This week I’ve been scouring the Internet trying to find a pair of spectator dress shoes. Spectator shoes are usually two tones of brown — dark brown and tan. They look wealthy and landed when worn with a tan linen or seersucker suit.

Politicians favor them in July. Southern lawyers like them. Dead writers like F. Scott Fitzgerald and Somerset Maugham always wore them. My late brother Matt, who was a terrific tango dancer, wore them when he danced at the Casa Loma Ballroom with Carmen Menendez on hot summer nights. When he came home from the madness of the Big War, he bought himself a new pair of spectators, to remind him of better times, he said. To erase the horror of what he had seen, I think.

On Monday morning, April 15, I had just finished a humorous column about how I had failed to qualify for the Boston Marathon, how I had trained and bought new running shoes, and then had forgotten to fill out the forms. I figured it would make you laugh. Then somebody called and said turn on the television.

The last time that someone called in the morning and said turn on the television, and I did, I saw two planes crash into the Twin Towers, and the world blew up.

So this time, I turned it on and there was the explosion and then the second one, and both of those videos kept being re-run for the rest of the day until we couldn’t bear it any more, and we reached for the remote to turn it off; and then, just then, a picture of a boy popped up on the screen, and his name was Martin.

Martin was 8 years old, and we learned that morning that he had died watching his father come in at the end of the marathon. Martin had been standing right there where that blast blew smoke, ball bearings and nails out onto the runners, and took his life.

In the picture he was holding up a sign he had made in school and on which he had written, “No more hurting people … Peace.”

To look at his 8-year-old eyes is not easy. They are, of course, full of pride, innocence and wonder. They are eyes that have seen a circus, birthday balloons, Christmas trees and Halloween pumpkins — and maybe a little girl in the second chair.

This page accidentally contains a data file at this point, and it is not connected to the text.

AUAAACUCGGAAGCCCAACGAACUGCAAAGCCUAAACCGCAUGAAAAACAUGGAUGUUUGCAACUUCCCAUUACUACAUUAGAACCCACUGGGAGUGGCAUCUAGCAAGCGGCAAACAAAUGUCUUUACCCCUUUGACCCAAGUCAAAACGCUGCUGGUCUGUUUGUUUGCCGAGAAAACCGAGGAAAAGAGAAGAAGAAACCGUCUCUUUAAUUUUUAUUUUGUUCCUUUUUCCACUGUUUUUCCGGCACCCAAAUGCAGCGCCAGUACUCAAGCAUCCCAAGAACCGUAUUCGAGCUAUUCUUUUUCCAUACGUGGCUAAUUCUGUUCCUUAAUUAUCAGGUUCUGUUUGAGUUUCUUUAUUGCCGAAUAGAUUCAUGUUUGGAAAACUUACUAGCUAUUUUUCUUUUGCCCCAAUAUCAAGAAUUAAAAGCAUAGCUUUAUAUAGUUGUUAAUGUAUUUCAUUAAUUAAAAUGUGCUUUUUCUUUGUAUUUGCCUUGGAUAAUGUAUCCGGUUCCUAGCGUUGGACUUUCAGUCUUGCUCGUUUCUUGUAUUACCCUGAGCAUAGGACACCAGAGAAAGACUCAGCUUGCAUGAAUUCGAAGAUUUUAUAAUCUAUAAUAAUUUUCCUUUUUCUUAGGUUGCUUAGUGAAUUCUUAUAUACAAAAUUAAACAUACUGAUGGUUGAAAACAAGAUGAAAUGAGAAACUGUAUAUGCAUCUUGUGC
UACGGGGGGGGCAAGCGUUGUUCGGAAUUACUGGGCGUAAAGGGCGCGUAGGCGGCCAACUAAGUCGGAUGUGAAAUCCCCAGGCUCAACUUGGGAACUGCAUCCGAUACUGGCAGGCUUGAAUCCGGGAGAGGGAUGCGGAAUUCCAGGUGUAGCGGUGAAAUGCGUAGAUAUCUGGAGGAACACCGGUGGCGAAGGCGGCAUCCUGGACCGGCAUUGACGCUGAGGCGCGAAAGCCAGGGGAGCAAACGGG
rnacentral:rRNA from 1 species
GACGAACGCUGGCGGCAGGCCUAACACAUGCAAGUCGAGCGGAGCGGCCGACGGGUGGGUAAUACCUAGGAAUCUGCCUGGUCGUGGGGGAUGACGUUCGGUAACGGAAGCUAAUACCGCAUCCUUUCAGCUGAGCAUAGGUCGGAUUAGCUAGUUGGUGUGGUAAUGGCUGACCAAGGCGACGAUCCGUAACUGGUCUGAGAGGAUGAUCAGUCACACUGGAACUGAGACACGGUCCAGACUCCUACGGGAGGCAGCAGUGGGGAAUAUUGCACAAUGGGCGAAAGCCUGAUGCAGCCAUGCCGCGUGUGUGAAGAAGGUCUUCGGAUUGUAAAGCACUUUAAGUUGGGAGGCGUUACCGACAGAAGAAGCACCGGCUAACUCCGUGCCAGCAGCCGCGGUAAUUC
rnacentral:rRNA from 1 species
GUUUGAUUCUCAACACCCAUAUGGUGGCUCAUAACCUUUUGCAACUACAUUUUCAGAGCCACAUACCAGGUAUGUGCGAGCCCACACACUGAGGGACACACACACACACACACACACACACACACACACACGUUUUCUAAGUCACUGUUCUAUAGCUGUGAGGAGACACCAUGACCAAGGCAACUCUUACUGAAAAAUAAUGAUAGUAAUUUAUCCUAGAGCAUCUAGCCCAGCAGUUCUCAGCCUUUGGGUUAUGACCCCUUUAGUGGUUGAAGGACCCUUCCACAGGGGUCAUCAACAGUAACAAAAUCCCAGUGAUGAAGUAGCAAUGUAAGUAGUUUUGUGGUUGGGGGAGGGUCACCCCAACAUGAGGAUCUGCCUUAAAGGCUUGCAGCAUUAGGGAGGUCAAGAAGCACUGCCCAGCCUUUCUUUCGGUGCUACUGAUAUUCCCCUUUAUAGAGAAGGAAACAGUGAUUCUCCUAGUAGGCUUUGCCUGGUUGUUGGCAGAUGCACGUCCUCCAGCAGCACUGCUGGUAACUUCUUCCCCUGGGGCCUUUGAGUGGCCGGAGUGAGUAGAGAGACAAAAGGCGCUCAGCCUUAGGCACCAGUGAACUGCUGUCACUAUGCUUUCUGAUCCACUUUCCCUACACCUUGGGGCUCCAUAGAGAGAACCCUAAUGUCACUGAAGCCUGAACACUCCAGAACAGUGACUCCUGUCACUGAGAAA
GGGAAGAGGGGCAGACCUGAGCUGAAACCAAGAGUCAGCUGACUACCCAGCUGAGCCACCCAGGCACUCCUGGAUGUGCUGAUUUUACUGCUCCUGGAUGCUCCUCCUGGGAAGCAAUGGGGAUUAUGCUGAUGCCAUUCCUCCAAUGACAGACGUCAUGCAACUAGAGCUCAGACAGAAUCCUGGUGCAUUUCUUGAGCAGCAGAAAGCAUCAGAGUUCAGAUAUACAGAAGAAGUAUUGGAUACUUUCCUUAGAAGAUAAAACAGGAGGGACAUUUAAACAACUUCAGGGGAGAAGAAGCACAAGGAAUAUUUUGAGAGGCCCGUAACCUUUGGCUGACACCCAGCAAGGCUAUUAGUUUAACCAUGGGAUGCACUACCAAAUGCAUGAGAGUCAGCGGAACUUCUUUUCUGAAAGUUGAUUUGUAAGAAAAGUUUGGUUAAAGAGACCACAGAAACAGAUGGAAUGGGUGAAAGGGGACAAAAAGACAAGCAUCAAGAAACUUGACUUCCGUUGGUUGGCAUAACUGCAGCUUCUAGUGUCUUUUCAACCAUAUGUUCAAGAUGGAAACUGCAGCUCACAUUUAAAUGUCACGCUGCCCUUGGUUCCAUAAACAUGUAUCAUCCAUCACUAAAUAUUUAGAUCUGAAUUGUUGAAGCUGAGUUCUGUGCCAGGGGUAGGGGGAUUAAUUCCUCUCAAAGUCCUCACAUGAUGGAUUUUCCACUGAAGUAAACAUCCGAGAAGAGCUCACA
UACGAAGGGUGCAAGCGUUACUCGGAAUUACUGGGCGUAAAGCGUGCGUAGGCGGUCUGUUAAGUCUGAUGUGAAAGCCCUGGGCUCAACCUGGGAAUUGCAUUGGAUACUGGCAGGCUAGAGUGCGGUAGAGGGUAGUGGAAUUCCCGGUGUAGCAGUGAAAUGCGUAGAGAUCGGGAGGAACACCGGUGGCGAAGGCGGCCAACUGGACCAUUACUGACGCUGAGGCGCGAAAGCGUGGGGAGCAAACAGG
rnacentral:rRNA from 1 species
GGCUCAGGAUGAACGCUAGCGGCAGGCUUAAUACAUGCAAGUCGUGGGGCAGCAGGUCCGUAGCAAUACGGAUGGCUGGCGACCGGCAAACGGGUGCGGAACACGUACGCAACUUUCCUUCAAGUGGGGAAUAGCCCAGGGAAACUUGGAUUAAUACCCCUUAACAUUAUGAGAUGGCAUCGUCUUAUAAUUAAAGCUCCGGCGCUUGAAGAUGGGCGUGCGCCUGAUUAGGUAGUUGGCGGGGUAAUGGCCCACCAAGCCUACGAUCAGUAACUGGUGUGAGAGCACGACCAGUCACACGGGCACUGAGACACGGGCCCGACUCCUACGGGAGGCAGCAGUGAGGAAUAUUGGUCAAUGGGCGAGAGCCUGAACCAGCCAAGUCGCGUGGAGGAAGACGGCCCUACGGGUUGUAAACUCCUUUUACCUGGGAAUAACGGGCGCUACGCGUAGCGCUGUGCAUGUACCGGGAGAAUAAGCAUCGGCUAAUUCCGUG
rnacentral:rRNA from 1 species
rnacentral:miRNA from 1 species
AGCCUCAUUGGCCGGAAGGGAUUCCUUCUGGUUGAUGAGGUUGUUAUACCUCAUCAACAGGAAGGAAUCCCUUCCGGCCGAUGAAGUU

Martin’s face is a magical thing that seems to float in one of those glass snowballs with lollipops and rainbows floating around him.

A teacher probably had asked Martin to make a sign that said something positive, so he wrote “No more hurting people” and someone took a picture of him with his sign, and you can bet that his mother stuck it on the fridge.

After a while, I stopped looking at the picture, because Martin had become the up-close-and-personal face of the Boston Marathon tragedy. I turned off the television, shut the lid on my laptop and tried to block it all out.

After too many explosions, too many shootings, we turn away, do something else to erase it. The morning after 9/11, I went looking for a recipe for challah bread and bought the ingredients and baked a loaf. It was a small, silly thing, a distraction. I focused my attention on something silly to escape the madness. We all do this.

After hours, days, weeks of watching the horrors of these events repeated over and over, we find ways to cover our eyes, buy some shoes, bake some bread, make someone laugh. So this is what I have to do.

Each week I try to make myself laugh in hopes that it will make you laugh, and when I do, it shatters the darkness. If it doesn’t work, I’ll put on the spectator shoes and bake some challah.

J.P. Devine is a Waterville writer.

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